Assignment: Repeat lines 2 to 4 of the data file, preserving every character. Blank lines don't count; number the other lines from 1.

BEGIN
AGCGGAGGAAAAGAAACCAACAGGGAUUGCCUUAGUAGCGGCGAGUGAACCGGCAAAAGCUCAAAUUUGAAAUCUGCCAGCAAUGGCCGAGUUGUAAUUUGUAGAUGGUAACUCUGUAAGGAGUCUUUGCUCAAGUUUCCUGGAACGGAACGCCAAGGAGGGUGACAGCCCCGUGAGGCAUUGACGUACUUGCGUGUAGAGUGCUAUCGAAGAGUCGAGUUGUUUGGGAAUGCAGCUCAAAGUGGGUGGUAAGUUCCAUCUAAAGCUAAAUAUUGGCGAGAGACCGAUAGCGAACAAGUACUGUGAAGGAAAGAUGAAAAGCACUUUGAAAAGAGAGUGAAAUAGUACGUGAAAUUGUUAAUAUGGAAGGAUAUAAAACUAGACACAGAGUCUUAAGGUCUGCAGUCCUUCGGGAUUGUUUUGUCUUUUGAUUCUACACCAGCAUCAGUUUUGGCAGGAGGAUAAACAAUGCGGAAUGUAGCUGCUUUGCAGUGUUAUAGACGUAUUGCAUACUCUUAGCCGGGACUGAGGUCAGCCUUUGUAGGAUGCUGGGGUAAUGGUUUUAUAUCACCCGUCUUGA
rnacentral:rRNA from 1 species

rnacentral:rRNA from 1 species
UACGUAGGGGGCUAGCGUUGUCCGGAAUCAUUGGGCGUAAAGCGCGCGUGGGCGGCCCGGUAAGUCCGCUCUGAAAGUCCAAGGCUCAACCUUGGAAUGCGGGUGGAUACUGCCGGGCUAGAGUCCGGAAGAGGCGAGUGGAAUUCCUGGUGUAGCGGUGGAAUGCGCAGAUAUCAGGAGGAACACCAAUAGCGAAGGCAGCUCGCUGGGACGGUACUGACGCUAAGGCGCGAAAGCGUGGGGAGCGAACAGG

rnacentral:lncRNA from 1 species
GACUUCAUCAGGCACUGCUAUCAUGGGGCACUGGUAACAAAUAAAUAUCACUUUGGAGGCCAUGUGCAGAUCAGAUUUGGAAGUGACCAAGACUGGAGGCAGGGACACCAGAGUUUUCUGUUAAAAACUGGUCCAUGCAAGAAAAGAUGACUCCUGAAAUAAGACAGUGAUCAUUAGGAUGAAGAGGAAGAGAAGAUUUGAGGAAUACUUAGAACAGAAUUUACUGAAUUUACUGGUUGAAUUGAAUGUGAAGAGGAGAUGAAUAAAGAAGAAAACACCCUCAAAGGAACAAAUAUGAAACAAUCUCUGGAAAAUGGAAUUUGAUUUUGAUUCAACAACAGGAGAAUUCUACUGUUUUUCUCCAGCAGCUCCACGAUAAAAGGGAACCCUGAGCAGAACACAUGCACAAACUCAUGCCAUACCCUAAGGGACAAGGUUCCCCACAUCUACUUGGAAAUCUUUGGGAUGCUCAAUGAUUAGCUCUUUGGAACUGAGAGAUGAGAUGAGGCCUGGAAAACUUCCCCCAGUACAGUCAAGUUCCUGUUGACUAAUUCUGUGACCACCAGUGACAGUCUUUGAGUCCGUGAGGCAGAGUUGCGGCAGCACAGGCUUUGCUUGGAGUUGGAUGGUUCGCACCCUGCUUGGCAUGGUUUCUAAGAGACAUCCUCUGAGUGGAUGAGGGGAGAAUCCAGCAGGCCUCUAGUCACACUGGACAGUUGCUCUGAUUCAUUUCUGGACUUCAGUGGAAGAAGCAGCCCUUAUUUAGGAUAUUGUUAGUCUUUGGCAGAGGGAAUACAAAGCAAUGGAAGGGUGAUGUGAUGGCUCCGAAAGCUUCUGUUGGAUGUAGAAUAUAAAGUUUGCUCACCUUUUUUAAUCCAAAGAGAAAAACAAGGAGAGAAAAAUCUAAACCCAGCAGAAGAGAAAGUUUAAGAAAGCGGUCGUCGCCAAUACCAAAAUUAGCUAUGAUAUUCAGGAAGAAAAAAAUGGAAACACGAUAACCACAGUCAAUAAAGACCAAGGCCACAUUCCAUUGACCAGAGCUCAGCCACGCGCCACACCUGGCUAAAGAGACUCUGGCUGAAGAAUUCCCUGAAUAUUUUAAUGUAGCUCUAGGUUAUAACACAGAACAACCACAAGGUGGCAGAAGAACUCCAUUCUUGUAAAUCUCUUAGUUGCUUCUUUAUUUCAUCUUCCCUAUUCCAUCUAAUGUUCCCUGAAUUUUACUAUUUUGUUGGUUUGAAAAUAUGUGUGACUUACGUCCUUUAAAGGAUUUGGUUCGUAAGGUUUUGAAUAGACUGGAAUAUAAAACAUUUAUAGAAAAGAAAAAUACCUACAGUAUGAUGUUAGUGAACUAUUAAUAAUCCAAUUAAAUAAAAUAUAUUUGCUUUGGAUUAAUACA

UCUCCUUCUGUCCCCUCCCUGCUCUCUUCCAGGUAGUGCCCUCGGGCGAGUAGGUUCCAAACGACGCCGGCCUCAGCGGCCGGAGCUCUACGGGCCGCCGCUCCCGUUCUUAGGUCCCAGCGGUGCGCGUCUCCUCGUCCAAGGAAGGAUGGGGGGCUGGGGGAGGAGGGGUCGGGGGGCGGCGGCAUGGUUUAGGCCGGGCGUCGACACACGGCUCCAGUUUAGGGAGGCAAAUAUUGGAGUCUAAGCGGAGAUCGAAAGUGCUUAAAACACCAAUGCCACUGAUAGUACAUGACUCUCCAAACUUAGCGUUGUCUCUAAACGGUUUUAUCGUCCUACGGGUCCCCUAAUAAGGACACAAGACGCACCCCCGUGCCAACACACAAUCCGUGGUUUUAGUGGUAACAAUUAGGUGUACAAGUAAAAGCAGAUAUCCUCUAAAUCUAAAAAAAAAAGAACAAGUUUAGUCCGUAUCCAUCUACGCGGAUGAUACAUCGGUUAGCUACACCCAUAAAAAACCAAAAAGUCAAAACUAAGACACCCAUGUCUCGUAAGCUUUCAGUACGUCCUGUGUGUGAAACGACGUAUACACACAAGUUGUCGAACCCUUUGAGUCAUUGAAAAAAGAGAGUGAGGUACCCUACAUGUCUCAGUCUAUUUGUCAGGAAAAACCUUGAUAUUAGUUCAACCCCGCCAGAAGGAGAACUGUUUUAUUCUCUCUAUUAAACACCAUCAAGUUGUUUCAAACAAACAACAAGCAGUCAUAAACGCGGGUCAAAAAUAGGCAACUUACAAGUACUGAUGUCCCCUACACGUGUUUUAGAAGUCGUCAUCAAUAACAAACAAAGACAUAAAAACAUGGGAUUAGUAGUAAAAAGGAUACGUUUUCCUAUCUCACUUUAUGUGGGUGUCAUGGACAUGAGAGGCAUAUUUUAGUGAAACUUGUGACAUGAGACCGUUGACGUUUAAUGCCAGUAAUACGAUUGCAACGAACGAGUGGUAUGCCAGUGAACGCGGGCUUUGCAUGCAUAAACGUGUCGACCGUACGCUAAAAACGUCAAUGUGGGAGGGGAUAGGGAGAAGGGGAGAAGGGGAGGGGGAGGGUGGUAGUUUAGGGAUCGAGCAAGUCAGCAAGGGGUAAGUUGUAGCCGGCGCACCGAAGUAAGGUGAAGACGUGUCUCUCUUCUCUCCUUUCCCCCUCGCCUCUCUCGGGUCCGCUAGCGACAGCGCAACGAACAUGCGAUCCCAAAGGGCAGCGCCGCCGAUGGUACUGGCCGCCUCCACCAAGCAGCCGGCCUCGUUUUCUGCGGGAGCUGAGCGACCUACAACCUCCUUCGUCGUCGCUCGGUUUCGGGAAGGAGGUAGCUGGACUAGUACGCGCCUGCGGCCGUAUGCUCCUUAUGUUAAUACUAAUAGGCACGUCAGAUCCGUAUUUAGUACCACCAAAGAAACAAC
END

rnacentral:rRNA from 1 species

rnacentral:rRNA from 1 species
UACGUAGGGGGCUAGCGUUGUCCGGAAUCAUUGGGCGUAAAGCGCGCGUGGGCGGCCCGGUAAGUCCGCUCUGAAAGUCCAAGGCUCAACCUUGGAAUGCGGGUGGAUACUGCCGGGCUAGAGUCCGGAAGAGGCGAGUGGAAUUCCUGGUGUAGCGGUGGAAUGCGCAGAUAUCAGGAGGAACACCAAUAGCGAAGGCAGCUCGCUGGGACGGUACUGACGCUAAGGCGCGAAAGCGUGGGGAGCGAACAGG